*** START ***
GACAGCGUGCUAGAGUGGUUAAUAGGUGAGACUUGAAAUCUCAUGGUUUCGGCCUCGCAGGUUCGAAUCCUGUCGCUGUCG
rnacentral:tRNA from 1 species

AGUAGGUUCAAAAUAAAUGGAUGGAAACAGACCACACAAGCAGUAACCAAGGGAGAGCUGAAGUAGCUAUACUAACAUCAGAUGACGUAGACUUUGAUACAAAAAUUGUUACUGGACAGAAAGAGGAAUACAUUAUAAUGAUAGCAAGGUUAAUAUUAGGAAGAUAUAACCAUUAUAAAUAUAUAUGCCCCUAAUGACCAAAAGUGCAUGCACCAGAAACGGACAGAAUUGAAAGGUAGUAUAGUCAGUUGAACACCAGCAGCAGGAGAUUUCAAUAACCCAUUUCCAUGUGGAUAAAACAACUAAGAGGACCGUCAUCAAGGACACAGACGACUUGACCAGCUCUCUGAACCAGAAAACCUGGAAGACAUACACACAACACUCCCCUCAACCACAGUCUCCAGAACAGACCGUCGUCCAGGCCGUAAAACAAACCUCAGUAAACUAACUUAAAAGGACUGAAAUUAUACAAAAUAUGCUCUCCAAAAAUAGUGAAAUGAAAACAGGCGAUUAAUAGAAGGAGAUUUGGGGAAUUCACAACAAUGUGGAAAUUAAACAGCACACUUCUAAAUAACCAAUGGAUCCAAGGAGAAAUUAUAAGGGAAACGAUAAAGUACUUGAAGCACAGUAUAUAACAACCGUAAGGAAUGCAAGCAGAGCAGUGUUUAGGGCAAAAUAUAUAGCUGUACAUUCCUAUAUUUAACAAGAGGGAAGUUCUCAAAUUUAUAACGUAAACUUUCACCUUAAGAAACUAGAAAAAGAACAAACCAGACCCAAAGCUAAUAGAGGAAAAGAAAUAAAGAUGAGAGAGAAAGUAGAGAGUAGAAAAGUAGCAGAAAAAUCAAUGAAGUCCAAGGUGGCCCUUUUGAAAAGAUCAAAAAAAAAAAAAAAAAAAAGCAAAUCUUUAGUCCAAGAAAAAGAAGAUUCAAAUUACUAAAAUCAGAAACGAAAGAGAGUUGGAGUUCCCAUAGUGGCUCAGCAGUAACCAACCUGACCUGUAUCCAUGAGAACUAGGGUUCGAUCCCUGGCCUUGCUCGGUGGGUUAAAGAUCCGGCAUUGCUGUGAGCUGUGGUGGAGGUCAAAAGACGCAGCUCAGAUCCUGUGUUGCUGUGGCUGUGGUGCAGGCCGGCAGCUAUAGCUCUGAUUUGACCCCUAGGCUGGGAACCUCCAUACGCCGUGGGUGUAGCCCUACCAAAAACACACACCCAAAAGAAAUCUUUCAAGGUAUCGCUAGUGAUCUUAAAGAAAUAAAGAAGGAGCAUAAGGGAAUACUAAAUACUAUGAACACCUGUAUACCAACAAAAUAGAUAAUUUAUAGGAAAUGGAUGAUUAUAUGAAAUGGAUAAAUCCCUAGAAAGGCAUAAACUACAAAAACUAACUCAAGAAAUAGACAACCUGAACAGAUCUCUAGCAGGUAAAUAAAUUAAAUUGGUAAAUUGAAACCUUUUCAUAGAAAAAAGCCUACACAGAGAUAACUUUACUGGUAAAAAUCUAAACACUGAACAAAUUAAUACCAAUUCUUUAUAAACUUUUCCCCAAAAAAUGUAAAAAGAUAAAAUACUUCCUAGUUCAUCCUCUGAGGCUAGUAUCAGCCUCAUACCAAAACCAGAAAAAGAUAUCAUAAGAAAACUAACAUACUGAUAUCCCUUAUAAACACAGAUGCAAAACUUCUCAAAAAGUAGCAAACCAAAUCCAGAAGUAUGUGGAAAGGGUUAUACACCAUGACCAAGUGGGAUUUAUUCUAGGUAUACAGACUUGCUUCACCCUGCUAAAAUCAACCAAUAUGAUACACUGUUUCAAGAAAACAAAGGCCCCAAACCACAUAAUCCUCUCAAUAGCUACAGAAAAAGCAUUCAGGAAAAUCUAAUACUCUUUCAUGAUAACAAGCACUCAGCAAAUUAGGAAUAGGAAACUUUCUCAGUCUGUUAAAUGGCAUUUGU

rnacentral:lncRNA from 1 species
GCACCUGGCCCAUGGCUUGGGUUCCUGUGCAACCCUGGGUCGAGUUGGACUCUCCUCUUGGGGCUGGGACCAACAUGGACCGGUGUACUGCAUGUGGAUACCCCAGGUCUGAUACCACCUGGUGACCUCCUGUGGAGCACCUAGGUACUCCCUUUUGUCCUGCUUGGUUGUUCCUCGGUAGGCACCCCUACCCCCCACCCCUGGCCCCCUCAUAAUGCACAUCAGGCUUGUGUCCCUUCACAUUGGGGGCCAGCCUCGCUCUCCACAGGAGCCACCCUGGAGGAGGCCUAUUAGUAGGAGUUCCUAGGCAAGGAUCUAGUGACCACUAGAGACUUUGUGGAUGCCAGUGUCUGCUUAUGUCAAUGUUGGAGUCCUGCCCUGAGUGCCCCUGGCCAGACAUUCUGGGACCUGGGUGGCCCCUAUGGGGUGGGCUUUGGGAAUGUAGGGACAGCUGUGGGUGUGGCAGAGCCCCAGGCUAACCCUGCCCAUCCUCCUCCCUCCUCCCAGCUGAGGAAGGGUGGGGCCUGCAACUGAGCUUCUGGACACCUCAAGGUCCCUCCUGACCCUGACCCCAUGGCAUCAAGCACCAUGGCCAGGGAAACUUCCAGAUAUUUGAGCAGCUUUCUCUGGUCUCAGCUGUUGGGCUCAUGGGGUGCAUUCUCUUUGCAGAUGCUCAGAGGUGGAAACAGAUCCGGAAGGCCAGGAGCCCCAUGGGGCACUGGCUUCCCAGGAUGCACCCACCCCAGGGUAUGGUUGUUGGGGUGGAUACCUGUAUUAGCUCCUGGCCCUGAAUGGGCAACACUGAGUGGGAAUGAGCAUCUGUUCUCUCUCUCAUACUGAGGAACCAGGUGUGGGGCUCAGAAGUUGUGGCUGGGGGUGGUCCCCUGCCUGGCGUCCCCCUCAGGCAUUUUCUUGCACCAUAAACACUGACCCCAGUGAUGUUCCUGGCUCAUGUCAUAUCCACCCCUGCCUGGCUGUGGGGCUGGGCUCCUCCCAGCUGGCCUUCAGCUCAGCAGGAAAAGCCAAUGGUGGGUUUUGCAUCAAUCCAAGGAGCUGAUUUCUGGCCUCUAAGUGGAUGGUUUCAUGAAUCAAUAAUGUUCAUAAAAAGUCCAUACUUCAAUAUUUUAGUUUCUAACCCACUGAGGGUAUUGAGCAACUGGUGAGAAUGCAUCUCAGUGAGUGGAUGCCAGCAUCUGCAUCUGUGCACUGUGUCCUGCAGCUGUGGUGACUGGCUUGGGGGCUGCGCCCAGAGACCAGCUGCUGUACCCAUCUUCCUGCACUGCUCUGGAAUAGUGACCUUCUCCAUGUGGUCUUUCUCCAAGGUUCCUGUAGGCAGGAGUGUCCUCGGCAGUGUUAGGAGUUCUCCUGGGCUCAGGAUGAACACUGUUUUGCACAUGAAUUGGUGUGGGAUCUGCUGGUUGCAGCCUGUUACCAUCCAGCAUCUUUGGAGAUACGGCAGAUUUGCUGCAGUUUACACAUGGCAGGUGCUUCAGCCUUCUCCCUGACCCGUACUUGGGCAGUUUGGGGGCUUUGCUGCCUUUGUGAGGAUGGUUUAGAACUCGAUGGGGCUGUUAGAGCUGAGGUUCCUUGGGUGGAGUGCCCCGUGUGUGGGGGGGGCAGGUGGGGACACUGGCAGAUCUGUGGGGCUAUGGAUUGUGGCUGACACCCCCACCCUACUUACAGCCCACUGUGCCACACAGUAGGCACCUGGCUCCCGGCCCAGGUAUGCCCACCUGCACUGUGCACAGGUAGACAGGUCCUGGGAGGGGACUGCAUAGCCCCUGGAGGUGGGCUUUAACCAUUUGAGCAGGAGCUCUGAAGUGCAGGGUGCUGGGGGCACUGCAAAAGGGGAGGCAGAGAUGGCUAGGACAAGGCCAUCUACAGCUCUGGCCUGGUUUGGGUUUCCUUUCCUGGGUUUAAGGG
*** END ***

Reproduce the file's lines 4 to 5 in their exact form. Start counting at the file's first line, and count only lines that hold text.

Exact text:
rnacentral:lncRNA from 1 species
GCACCUGGCCCAUGGCUUGGGUUCCUGUGCAACCCUGGGUCGAGUUGGACUCUCCUCUUGGGGCUGGGACCAACAUGGACCGGUGUACUGCAUGUGGAUACCCCAGGUCUGAUACCACCUGGUGACCUCCUGUGGAGCACCUAGGUACUCCCUUUUGUCCUGCUUGGUUGUUCCUCGGUAGGCACCCCUACCCCCCACCCCUGGCCCCCUCAUAAUGCACAUCAGGCUUGUGUCCCUUCACAUUGGGGGCCAGCCUCGCUCUCCACAGGAGCCACCCUGGAGGAGGCCUAUUAGUAGGAGUUCCUAGGCAAGGAUCUAGUGACCACUAGAGACUUUGUGGAUGCCAGUGUCUGCUUAUGUCAAUGUUGGAGUCCUGCCCUGAGUGCCCCUGGCCAGACAUUCUGGGACCUGGGUGGCCCCUAUGGGGUGGGCUUUGGGAAUGUAGGGACAGCUGUGGGUGUGGCAGAGCCCCAGGCUAACCCUGCCCAUCCUCCUCCCUCCUCCCAGCUGAGGAAGGGUGGGGCCUGCAACUGAGCUUCUGGACACCUCAAGGUCCCUCCUGACCCUGACCCCAUGGCAUCAAGCACCAUGGCCAGGGAAACUUCCAGAUAUUUGAGCAGCUUUCUCUGGUCUCAGCUGUUGGGCUCAUGGGGUGCAUUCUCUUUGCAGAUGCUCAGAGGUGGAAACAGAUCCGGAAGGCCAGGAGCCCCAUGGGGCACUGGCUUCCCAGGAUGCACCCACCCCAGGGUAUGGUUGUUGGGGUGGAUACCUGUAUUAGCUCCUGGCCCUGAAUGGGCAACACUGAGUGGGAAUGAGCAUCUGUUCUCUCUCUCAUACUGAGGAACCAGGUGUGGGGCUCAGAAGUUGUGGCUGGGGGUGGUCCCCUGCCUGGCGUCCCCCUCAGGCAUUUUCUUGCACCAUAAACACUGACCCCAGUGAUGUUCCUGGCUCAUGUCAUAUCCACCCCUGCCUGGCUGUGGGGCUGGGCUCCUCCCAGCUGGCCUUCAGCUCAGCAGGAAAAGCCAAUGGUGGGUUUUGCAUCAAUCCAAGGAGCUGAUUUCUGGCCUCUAAGUGGAUGGUUUCAUGAAUCAAUAAUGUUCAUAAAAAGUCCAUACUUCAAUAUUUUAGUUUCUAACCCACUGAGGGUAUUGAGCAACUGGUGAGAAUGCAUCUCAGUGAGUGGAUGCCAGCAUCUGCAUCUGUGCACUGUGUCCUGCAGCUGUGGUGACUGGCUUGGGGGCUGCGCCCAGAGACCAGCUGCUGUACCCAUCUUCCUGCACUGCUCUGGAAUAGUGACCUUCUCCAUGUGGUCUUUCUCCAAGGUUCCUGUAGGCAGGAGUGUCCUCGGCAGUGUUAGGAGUUCUCCUGGGCUCAGGAUGAACACUGUUUUGCACAUGAAUUGGUGUGGGAUCUGCUGGUUGCAGCCUGUUACCAUCCAGCAUCUUUGGAGAUACGGCAGAUUUGCUGCAGUUUACACAUGGCAGGUGCUUCAGCCUUCUCCCUGACCCGUACUUGGGCAGUUUGGGGGCUUUGCUGCCUUUGUGAGGAUGGUUUAGAACUCGAUGGGGCUGUUAGAGCUGAGGUUCCUUGGGUGGAGUGCCCCGUGUGUGGGGGGGGCAGGUGGGGACACUGGCAGAUCUGUGGGGCUAUGGAUUGUGGCUGACACCCCCACCCUACUUACAGCCCACUGUGCCACACAGUAGGCACCUGGCUCCCGGCCCAGGUAUGCCCACCUGCACUGUGCACAGGUAGACAGGUCCUGGGAGGGGACUGCAUAGCCCCUGGAGGUGGGCUUUAACCAUUUGAGCAGGAGCUCUGAAGUGCAGGGUGCUGGGGGCACUGCAAAAGGGGAGGCAGAGAUGGCUAGGACAAGGCCAUCUACAGCUCUGGCCUGGUUUGGGUUUCCUUUCCUGGGUUUAAGGG